DIY Platform Bed With Floating Night Stands




About: Discover woodworking, concrete, LEDs, home decor and DIY projects you'll love.

For the past year or so, I have been receiving many requests to make a platform bed. During this time, I actually needed one, but for whatever reason, I had been putting it off. Well, I finally gave in and went to work. So glad I did because I thought it actually enhanced the space and brought a luxury feel to it!

Be sure to check out the video for additional informAtion. I will also have a few lists of materials and things listed at the end of this article.

Step 1: Prepping the Lumber

After sorting through all the lumber at my local HD store. I managed to find enough lumber with which I could work. I started this project with a rough sketch of what I wanted.

Although this project can be made with a circular saw, I would highly suggest a miter saw to speed things up. The key to being successful is attacking all your projects with patience.

Let's get started.

If you would like to build this; I have a detailed set of PLANS for this project. After all the lumber was cut down to size, I set up shop outside to begin the sanding process. Prepare for hours of sanding, and be sure to wear a mask and safety glasses. I sanded the bed down with 80-grit sandpaper first, then120 grit followed by 220 grit to wrap things up.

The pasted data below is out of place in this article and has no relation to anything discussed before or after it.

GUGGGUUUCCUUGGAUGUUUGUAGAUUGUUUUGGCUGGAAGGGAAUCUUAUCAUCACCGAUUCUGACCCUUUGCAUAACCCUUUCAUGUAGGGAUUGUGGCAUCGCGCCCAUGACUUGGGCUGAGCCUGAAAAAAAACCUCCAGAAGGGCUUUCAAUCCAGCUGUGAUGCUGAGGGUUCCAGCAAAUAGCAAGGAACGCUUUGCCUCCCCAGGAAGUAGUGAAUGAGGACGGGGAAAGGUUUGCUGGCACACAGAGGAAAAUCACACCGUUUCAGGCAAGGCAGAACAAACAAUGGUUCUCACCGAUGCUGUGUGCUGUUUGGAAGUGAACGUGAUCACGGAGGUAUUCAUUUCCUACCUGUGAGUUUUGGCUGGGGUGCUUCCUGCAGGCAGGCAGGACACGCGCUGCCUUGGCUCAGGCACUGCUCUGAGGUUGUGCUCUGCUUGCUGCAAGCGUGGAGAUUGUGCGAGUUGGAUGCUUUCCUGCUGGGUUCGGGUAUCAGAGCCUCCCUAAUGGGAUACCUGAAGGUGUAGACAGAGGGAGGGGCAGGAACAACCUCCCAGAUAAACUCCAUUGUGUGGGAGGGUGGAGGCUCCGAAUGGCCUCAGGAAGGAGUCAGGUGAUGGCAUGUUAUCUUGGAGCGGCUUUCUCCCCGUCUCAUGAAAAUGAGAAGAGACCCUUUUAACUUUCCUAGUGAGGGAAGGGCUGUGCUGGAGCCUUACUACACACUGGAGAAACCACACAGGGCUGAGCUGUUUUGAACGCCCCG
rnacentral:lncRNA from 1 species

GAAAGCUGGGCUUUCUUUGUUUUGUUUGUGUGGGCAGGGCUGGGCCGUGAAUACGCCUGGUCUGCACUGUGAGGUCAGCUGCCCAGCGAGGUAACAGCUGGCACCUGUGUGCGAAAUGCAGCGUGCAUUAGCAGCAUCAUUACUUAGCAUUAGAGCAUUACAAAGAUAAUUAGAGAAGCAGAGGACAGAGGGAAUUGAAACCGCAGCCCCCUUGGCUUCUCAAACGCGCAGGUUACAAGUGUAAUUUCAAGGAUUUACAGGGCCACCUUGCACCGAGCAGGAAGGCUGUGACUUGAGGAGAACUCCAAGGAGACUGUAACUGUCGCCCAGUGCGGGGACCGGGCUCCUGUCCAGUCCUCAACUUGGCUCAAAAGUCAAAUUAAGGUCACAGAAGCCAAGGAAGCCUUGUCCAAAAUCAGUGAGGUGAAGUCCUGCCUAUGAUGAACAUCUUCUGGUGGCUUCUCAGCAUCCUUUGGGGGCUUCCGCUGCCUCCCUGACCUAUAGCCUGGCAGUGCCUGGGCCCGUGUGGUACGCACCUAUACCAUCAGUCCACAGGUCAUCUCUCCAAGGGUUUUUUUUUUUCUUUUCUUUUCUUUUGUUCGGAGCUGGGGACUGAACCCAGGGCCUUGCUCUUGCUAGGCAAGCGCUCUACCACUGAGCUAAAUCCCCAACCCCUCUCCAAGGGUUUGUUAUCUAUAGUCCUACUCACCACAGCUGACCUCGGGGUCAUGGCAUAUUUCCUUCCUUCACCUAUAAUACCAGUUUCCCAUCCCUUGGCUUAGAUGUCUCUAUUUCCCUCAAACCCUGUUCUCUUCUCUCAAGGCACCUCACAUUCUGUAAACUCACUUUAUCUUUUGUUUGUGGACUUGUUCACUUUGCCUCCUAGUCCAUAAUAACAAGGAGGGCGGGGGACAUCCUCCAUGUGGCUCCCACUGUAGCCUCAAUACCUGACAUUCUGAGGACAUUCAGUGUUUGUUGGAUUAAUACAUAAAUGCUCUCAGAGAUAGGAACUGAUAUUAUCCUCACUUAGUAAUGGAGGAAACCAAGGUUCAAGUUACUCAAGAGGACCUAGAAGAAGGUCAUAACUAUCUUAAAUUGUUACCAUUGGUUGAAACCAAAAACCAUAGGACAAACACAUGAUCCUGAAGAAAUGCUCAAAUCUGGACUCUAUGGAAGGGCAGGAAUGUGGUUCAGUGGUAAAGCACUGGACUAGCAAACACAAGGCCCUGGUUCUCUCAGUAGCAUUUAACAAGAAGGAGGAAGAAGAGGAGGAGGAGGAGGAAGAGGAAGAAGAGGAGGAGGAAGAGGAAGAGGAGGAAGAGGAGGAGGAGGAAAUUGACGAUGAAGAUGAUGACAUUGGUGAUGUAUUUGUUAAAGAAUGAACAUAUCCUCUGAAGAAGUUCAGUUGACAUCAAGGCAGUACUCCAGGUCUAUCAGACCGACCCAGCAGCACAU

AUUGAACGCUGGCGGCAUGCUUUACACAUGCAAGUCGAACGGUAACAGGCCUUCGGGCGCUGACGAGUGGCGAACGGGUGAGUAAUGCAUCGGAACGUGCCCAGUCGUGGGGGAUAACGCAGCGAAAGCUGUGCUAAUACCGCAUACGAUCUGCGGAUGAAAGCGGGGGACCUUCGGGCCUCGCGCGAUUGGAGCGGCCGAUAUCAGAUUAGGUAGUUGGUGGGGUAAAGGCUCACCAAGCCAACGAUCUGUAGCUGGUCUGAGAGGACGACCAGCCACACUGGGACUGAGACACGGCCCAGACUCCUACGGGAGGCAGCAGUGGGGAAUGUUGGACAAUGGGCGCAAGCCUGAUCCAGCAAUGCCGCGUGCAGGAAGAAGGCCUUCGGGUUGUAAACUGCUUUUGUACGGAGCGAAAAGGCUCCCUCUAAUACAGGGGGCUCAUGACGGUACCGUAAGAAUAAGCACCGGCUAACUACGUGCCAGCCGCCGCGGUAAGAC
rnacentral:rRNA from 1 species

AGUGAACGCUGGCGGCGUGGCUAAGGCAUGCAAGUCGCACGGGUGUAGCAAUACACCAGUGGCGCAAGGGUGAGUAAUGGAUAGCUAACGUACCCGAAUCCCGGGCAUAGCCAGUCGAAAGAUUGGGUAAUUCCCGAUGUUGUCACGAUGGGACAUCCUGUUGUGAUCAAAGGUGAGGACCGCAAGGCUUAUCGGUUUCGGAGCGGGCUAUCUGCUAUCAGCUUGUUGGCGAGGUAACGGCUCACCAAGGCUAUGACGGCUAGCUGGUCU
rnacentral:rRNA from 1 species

Next, paint or stain the bed frame whatever color you prefer. I chose black.

Step 2: Tackling the Headboard

Due to the length of the headboard, I had to attach a small section to extend the 8-feet sheet of plywood. I then painted the bottom section of the plywood to match the bed frame.

If you have any assistance available to you, feel free to ask for help. I didn't have that luxury at the time, so I took advantage of the clamps I had on-hand. I started from the top down. It would have been easier to start from the bottom up. The reason I took the route I did was simply because I didn't want to be off by a fraction, which would result in making cuts later on, when approaching the end.